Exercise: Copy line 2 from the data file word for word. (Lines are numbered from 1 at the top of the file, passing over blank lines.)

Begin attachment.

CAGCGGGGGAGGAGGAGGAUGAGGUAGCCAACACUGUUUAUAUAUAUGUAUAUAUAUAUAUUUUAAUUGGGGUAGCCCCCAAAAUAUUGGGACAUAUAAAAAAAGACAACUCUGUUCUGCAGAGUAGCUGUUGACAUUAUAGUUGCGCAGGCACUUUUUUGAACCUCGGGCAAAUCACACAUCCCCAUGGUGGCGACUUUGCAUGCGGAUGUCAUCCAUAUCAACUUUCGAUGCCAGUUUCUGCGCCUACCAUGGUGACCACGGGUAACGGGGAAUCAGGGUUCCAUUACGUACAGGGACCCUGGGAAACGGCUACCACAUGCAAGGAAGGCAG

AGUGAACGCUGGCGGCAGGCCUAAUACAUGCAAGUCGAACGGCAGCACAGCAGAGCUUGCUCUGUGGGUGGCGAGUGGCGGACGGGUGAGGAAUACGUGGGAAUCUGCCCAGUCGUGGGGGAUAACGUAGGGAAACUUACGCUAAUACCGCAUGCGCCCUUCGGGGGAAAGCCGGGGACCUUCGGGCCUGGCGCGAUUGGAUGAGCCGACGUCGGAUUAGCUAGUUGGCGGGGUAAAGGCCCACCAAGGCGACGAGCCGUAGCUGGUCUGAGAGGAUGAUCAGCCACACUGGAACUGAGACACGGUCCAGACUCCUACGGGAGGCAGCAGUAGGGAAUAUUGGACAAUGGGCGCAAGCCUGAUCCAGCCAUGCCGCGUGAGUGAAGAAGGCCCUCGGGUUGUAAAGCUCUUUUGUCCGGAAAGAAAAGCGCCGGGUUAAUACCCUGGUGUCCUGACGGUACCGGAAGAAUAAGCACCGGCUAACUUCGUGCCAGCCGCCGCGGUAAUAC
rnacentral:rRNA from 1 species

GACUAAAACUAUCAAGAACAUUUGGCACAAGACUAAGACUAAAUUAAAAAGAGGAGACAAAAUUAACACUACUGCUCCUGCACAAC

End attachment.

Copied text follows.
AGUGAACGCUGGCGGCAGGCCUAAUACAUGCAAGUCGAACGGCAGCACAGCAGAGCUUGCUCUGUGGGUGGCGAGUGGCGGACGGGUGAGGAAUACGUGGGAAUCUGCCCAGUCGUGGGGGAUAACGUAGGGAAACUUACGCUAAUACCGCAUGCGCCCUUCGGGGGAAAGCCGGGGACCUUCGGGCCUGGCGCGAUUGGAUGAGCCGACGUCGGAUUAGCUAGUUGGCGGGGUAAAGGCCCACCAAGGCGACGAGCCGUAGCUGGUCUGAGAGGAUGAUCAGCCACACUGGAACUGAGACACGGUCCAGACUCCUACGGGAGGCAGCAGUAGGGAAUAUUGGACAAUGGGCGCAAGCCUGAUCCAGCCAUGCCGCGUGAGUGAAGAAGGCCCUCGGGUUGUAAAGCUCUUUUGUCCGGAAAGAAAAGCGCCGGGUUAAUACCCUGGUGUCCUGACGGUACCGGAAGAAUAAGCACCGGCUAACUUCGUGCCAGCCGCCGCGGUAAUAC